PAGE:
Climate Change Pacific islands can't tackle cause alone: World Bank

Climate change will hit the Pacific harder than anywhere else on Earth and the region's tiny island nations need major international aid to deal with the challenge, the World Bank said Thursday.

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Pacific island such as the Marshall Islands face huge costs building seawalls to protect their coastlines from climate change, with rising waters set to swamp large areas of habitable land in the low-lying nations play

Pacific island such as the Marshall Islands face huge costs building seawalls to protect their coastlines from climate change, with rising waters set to swamp large areas of habitable land in the low-lying nations

(AFP/File)
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Climate change will hit the Pacific harder than anywhere else on Earth and the region's tiny island nations need major international aid to deal with the challenge, the World Bank said Thursday.

A World Bank report, "Pacific Possible", draws on research from numerous sources to back the long-held view of regional leaders that they are on the frontline of global warming.

"(It) could have more dire impacts on the Pacific islands than any other country in the world," warned the report, released Thursday at the Pacific Islands Forum in Samoa.

The World Bank has warned that Kiribati, which is only a few metres above sea level, may need to consider wholesale migration due to rising sea levels caused by climate change play

The World Bank has warned that Kiribati, which is only a few metres above sea level, may need to consider wholesale migration due to rising sea levels caused by climate change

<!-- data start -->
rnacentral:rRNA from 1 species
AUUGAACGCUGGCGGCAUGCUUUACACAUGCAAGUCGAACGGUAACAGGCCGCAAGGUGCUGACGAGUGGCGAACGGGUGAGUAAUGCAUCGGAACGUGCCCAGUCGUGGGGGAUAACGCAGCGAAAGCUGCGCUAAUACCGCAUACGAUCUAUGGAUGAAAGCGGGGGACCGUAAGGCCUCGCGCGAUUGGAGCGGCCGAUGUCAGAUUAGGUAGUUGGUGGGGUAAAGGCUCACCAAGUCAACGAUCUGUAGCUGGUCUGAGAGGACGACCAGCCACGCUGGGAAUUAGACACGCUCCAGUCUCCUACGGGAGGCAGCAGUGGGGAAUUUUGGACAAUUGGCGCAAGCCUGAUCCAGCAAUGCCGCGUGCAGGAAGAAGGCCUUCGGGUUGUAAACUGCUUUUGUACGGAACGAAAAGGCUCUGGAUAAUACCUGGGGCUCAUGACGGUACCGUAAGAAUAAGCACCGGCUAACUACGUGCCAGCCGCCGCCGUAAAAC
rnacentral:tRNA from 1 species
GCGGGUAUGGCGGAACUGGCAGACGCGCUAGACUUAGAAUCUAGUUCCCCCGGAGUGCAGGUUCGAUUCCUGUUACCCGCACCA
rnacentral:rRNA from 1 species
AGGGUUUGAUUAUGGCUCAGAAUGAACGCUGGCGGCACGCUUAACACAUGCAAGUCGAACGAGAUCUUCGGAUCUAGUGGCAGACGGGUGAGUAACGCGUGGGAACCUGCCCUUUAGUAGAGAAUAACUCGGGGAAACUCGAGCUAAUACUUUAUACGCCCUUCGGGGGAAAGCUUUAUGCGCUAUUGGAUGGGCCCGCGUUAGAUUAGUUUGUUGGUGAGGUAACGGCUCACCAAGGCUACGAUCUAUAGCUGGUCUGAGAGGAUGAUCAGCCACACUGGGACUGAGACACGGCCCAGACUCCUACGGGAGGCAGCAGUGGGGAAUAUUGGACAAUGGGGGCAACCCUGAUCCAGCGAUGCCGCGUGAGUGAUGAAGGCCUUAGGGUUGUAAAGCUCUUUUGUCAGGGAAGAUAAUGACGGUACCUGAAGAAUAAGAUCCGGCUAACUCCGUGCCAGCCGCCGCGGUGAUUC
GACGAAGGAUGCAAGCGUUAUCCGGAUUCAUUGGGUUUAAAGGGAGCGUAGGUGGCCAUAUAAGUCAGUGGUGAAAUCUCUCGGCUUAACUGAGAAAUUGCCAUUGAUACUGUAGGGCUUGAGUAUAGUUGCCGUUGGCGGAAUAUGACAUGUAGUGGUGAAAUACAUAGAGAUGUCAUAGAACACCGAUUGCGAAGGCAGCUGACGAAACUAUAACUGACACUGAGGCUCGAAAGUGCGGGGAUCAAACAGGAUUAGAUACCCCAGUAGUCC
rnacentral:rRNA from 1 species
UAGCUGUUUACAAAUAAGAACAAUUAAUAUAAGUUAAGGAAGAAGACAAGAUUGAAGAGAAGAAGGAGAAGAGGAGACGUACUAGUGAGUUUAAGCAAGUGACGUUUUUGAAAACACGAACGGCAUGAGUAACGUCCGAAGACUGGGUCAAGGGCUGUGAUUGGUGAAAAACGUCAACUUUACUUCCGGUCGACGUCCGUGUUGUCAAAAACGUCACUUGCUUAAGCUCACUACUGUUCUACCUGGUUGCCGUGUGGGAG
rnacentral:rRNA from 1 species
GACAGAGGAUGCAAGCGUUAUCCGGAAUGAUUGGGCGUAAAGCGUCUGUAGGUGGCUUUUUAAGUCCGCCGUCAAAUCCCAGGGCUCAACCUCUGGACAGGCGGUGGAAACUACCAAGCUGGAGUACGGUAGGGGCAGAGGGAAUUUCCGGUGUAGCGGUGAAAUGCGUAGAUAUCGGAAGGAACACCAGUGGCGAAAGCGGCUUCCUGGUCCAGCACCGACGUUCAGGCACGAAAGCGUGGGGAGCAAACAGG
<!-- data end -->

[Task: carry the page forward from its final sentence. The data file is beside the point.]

(AFP/File)

The study said that even under a best-case scenario -- with oceans rising 40 centimetres (16 inches) by 2100 -- island nations would face huge costs building seawalls to protect their coastlines.

The worst-case outcome -- waters up 126 centimetres by 2100 -- would swamp large areas of habitable land in low-lying nations such as Kiribati, the Marshall Islands and Tuvalu.

"There is little prospect that the high costs of building sea walls could be financed by the countries themselves," the report said.

"Accordingly, the international community will have to assess the trade-off between large initial expenditures on construction... versus emergency relief and recovery programmes when disasters occur."

It said climate change's impact was already being seen through coastal erosion, saltwater contamination of farmland and drinking water, as well as unpredictable rainfall causing more droughts and floods.

The Pacific has always been lashed by cyclones but the report said the most destructive category five storms were set to become more frequent, straining the region's already scarce economic resources.

It said Cyclone Pam, which hit Vanuatu in 2015, wiped out the equivalent of 64 percent of the country's GDP.

The report said Kiribati and Tuvalu, which are both only a few metres above sea level, may need to consider wholesale migration and that Australia and New Zealand, the region's richest and most developed nations, could help by giving islanders open access to their labour markets.

"It would allow for gradual migration from the atoll nations and be less costly and preferable to a last-minute abandonment, which would require significant emergency assistance and be difficult to manage," it said.

While the World Bank acknowledged the problem climate change poses, it also said there were a number of economic opportunities Pacific nations could pursue to increase prosperity in coming decades.

It said tourism, particularly from China, had the potential to deliver an extra one million visitors a year by 2040, generating additional income of US$1.6 billion and 110,000 jobs.

Improved internet access could also help counter the remoteness that has hindered economic growth in the islands, providing scope for employment opportunities such as call centres.

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